That integration is already happening in the school’s Gross Human Anatomy course, where first-year medical students are receiving high-resolution computational tomography (CT) scans of their cadavers in addition to the cadavers themselves. “To be able to understand something in full 360 degrees, you have to go from visual learning and simulation to phantoms, biological materials and human gifts,” says Tomaszewski. “The separation of these has been artificial and not good for the person who’s learning.”
And it’s not only students who benefit. In the center, clinicians and surgeons are learning new procedures and techniques through simulations with virtual or 3-D printed models, which are in turn being generated by computational anatomists who study how musculo- skeletal structure affects function.
For example, a partnership with the School of Dental Medicine is yielding answers about how the shape of the jaw correlates with temporomandibular joint disorders (TMJ). And UB orthopaedists and bioengineers are looking at how computational models of the way humans bear weight can improve implantable hips and knees in an aging population.
Schwaitzberg points out that the integration of so many methodologies gives UB RIS²E major advantages over other facilities striving to do similar things, especially for industries seeking to innovate. “Simulation is an absolute requirement for the future,” he says. “We will be creating anatomical models of the liver and gall bladder so that surgeons can practice their skills, do flexible endoscopy training and become more proficient at screening for colon cancer.”
It’s a complex approach, with a simple goal: “When your doctors are better trained,” says Schwaitzberg, “you have better outcomes.”
It’s not all cutting-edge technology. The new building features some decidedly traditional instruments too, such as this baby grand piano that previously graced the Lippschutz Room on the South Campus. Now situated in the atrium near the Student Commons, the piano set a jubilant mood at the grand opening last winter and will be used for the Jacobs School’s Music Is Medicine program. Featuring performances by musically talented faculty, staff and students, the lunchtime concert series is just the diversion the doctor ordered for the building’s busy occupants.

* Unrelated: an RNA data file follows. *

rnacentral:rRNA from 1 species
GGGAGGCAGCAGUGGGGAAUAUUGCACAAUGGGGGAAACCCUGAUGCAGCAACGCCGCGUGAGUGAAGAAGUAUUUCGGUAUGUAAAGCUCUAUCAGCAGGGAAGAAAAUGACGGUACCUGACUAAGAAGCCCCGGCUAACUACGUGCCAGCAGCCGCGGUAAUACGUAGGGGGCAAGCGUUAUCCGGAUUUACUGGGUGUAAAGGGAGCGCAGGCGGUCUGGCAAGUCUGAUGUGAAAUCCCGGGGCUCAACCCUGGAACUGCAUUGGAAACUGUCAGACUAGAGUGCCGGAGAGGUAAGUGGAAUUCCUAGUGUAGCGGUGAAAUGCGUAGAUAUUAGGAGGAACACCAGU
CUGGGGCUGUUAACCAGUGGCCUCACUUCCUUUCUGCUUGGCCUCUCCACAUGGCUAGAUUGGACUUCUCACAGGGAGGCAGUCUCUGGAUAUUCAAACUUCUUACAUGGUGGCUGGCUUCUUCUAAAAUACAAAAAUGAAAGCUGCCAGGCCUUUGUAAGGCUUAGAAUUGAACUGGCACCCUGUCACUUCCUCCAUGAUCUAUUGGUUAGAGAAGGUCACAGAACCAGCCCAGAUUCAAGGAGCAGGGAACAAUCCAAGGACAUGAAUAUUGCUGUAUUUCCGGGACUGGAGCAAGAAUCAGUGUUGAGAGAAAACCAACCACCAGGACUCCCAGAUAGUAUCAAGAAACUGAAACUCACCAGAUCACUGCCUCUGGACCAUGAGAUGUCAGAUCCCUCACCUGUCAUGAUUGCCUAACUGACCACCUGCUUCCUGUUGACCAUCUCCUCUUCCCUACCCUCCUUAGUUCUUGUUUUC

MEDICAL STUDENTS often learn that health disparities exist. What they typically don’t look into is why. A new course at the Jacobs School, called “Health in the Neighborhood,” aims to address that glaring oversight. Developed over two years by an interdisciplinary team of UB faculty along with the pastors from two local Baptist churches, the course pairs medical students with families in the Martin Luther King Jr. Park neighborhood to give them an authentic understanding of the realities of health care in underserved communities.
The genesis of the class was a community immersion program launched in 2015 by the Jacobs School’s Center for Medical Humanities. It was a resounding wake-up call, recalls director Linda Pessar, one of the founders of the new course. “What shook us all was to hear the degree of distrust,” she says. “Most of us physicians think we are doing good. The intensity of the distrust was shocking. To discuss what health care providers can do to improve that, you need to go in without your white coat.”
The aim of the course is to get students to understand how structural racism results from policies that have created segregated, substandard living conditions; how the lack of knowledge about black culture among physicians creates a lack of rapport; how and why widespread bias persists among health care workers; and how health care delivery to these communities can be improved. Or, as urban planning professor and course co-creator Henry Louis Taylor puts it, “The aim is to ignite a process that teaches incoming medical students about black lives in the hopes that this knowledge and information will inform their growth and development as physicians.”
Taylor adds that the participation of the two churches and their congregations has been crucial, an assessment with which first-year student Karole Collier agrees. “Usually in medical school, you have doctors and scientists in the front of the classroom. This course shifts the paradigm; it puts community leaders and the people who will be our patients at the front of the room.”
One of those pastors, Kinzer M. Pointer of Agape Fellowship Baptist Church, says he got involved for the sake of his community. “I got tired of burying people at 55,” he says, noting that members of his congregation are dying at that age while the average life expectancy of a white woman in the U.S. in 2015 was 79. “We’ve got to turn that around.”
Pointer also hopes that through this program, he can convince Jacobs School students to stay and practice not just in Western New York, which suffers from a physician shortage, but in neighborhoods like MLK Park, where the shortages are far more profound.
Collier, for one, is listening. “It is incredibly uplifting for this course to happen during my first year in medical school,” she says. “It has changed my trajectory completely.”
Designed for LEED Gold certification (significant for a research facility, says Ryan McPherson, UB’s chief sustainability officer), the new Jacobs School home also exemplifies how a building project can support sustainable transportation and sustainable communities.